Last Sunday, in recognition of National Reconciliation Week, we held a sold-out event at the Jerrabomberra Wetlands to enable the Canberra community to come together to enjoy a cultural tour and bush tucker lunch, and the opportunity to reflect on what reconciliation really means.
Richie Allan, a Ngunnawal Kamilaroi man who is the cultural Director of Traditional Owners Aboriginal Corporation, welcomed us to country before leading a walk around the wetlands to show us all the different plants and animals in ‘nature’s supermarket’ which are used for food, medicine, and indicators of seasonal change. He also taught us about the importance of totems and the deep connection between people and land.
Following the walk, Tanya Keed, a Dunghatti women who has called Canberra home for more than 20 years and who runs Clybucca Dreaming which advocates for social and criminal justice, led us through a yarning circle where open conversation was encouraged with no questions out of bounds. This enabled people to gain a deeper understanding of the importance of reconciliation and walking forward together, our nations true history and the practical actions that each of us can take to improve the plight of many of our first nations people.
We all then came together for a bush tucker lunch which featured Kangaroo, Crocodile, and Barramundi prepared with a range of Australian native herbs and spices, damper and potatoes – all cooked in the fire, accompanied with salads, fruit and finger limes.
Feedback from participants was extremely positive; in particular the blend of the cultural tour and having the opportunity to learn more about country in a practical sense, and also to be given the opportunity to participate in open conversation in a safe and respectful way to better understand how we can participate in reconciliation at a personal level.
Special thanks to Richie and Tanya for your knowledge, guidance, wisdom and awesome chef skills, and to Miriam Fokker from the ACT Parks and Conservation Service and Jeannine Fromholtz from the Molonglo Conservation Group, who were instrumental in assisting with all aspects of the event and for your ongoing support more broadly.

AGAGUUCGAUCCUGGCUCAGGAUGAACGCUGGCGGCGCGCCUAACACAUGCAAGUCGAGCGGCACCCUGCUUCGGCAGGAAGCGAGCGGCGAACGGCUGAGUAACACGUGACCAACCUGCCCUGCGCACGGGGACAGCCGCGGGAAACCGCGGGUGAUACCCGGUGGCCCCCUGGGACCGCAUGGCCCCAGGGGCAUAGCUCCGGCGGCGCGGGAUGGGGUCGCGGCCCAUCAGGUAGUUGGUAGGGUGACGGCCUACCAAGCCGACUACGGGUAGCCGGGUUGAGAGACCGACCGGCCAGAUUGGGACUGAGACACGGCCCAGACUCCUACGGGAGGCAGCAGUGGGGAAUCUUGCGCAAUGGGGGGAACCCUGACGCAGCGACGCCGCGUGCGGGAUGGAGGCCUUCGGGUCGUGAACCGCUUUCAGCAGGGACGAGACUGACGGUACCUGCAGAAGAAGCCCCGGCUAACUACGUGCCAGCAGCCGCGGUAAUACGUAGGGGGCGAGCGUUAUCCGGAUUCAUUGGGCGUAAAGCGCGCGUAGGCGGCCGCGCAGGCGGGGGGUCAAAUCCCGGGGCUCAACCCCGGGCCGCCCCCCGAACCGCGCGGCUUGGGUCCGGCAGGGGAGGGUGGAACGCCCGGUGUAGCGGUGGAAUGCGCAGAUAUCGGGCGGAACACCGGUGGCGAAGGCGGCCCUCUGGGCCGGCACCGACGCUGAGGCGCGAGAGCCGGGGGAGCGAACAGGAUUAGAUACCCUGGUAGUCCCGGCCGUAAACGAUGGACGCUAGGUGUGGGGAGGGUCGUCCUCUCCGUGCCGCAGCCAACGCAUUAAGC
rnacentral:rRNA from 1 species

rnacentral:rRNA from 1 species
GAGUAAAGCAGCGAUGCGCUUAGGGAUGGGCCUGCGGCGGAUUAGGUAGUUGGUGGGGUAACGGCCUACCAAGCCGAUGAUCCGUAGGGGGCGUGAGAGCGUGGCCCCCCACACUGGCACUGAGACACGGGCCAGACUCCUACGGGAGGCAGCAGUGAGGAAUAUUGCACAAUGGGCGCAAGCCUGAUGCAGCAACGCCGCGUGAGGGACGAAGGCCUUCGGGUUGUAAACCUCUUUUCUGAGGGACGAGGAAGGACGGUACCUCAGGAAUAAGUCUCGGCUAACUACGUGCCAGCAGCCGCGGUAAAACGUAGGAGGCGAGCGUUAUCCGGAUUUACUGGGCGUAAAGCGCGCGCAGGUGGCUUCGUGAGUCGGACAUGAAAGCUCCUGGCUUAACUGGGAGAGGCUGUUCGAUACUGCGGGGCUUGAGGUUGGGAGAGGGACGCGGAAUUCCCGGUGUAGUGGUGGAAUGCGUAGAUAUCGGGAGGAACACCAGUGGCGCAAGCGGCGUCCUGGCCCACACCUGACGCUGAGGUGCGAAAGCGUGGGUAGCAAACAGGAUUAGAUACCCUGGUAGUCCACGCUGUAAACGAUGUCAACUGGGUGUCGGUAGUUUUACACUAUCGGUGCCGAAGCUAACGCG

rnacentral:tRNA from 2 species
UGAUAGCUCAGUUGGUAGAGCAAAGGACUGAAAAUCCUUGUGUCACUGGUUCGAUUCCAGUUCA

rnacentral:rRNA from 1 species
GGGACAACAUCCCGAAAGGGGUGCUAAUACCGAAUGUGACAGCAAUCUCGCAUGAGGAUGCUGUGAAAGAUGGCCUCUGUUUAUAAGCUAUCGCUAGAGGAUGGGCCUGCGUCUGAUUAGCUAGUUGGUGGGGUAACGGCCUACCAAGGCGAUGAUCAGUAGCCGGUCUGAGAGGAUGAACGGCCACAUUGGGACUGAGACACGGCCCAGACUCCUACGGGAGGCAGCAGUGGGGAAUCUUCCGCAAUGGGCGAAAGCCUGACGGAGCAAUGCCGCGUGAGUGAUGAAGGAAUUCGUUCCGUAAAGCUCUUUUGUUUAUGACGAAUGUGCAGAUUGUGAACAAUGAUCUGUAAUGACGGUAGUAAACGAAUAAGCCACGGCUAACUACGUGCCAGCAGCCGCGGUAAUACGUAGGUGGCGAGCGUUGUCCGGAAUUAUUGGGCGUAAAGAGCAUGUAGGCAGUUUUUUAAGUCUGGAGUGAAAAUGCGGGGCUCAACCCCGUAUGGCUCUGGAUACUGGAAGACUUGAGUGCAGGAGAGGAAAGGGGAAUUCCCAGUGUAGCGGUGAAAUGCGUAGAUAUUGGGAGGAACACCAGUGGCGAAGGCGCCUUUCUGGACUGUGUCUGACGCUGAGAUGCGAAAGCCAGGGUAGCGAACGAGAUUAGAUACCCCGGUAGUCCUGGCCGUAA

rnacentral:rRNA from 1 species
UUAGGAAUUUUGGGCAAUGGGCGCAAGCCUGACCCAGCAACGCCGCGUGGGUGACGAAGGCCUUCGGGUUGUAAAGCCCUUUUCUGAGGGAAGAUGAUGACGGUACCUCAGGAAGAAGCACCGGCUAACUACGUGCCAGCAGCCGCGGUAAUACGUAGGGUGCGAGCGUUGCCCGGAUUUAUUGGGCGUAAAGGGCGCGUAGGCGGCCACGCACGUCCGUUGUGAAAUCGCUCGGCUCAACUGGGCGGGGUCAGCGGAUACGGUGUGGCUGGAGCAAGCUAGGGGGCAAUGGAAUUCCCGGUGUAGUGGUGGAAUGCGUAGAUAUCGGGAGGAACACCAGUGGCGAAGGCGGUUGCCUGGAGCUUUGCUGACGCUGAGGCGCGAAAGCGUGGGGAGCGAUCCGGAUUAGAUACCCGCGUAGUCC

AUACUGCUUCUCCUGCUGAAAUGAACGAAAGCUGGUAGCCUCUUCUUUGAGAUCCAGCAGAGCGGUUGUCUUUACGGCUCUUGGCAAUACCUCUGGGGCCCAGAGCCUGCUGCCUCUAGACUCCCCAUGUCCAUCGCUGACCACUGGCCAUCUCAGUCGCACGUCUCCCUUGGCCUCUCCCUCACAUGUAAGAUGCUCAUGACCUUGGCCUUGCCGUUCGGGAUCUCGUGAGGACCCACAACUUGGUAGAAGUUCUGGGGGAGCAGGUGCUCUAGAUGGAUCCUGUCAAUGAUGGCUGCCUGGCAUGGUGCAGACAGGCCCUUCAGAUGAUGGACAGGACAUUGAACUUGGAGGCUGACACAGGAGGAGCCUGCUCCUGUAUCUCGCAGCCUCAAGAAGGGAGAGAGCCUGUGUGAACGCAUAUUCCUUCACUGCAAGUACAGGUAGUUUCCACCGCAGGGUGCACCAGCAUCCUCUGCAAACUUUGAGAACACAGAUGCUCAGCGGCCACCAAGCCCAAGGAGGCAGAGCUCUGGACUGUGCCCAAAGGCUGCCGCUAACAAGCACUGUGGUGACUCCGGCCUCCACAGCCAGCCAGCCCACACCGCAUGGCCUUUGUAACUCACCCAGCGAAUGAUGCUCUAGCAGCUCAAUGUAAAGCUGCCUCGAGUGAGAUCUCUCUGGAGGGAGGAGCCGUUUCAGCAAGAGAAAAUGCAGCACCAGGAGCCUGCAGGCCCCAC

We would also like to thank the ACT Government Community Services Directorate – Office for Aboriginal and Torres Strait Islander Affairs, who provided funding through a Reconciliation Day grant to assist us with delivery of this event.
Stories of resilience, healing and reconciliation
The Australian River Restoration Centre is not an Indigenous organisation — however, we work towards centring Indigenous voices in everything we do, not just during National Reconciliation Week but all weeks.
Richie and Tanya have kindly shared with us stories of resilience, healing and reconciliation which we have brought together below for you to listen to.
River Dreaming and Reconciliation. Guest Speaker: Richie Allan
In this episode, Siwan chats with Richie Allan about reconciliation and the importance of listening to Indigenous perspectives, particularly when it comes to our rivers. Richie comes from the Kamilaroi and Ngunnawal nations and is co-Director of the Traditional Owners Aboriginal Corporation. Richie has been working with the ARRC over the last year to help us develop a Reconciliation Action Plan. Today we are talking to Richie about what reconciliation means to him and how we might, through our individual and organisational actions, continue along the path of recognising, respecting and reconciling our past with the future and how our individual actions can contribute to reconciling Australia.
Healing and Connection to Country with Yarning Circles. Guest Speaker: Tanya Keed and Lori Gould
As we have more conversations with Aboriginal people, we find that when we acknowledge Country it means so much more. There is an upswelling of emotion as the stories that are generously shared with us gives us insight into what it might be like being an Aboriginal Australian. This podcast is one such conversation. Tanya Keed, a proud Aboriginal woman from Dunghutti Country, and Lori Gould who has worked with the ARRC for over twenty years, share how they have been working together to connect men and women who have been imprisoned, back to themselves, each other and to Country. This is a podcast like no other, and we feel deeply grateful and honoured that Tanya is sharing so much of herself and her story.
We also recently interviewed Aaron Chatfield of Dreamtime Connections, a Gamilaroi man, who worked with our Rivers of Carbon Yass team to engage landholders in a Cultural walk alongside the Yass River to understand more about the restoration of waterways in their region and learn more about traditional uses of native plants. Aaron shares with us what the 2023 theme for National Reconciliation Week ‘Be the Voice for Generations’ means to him…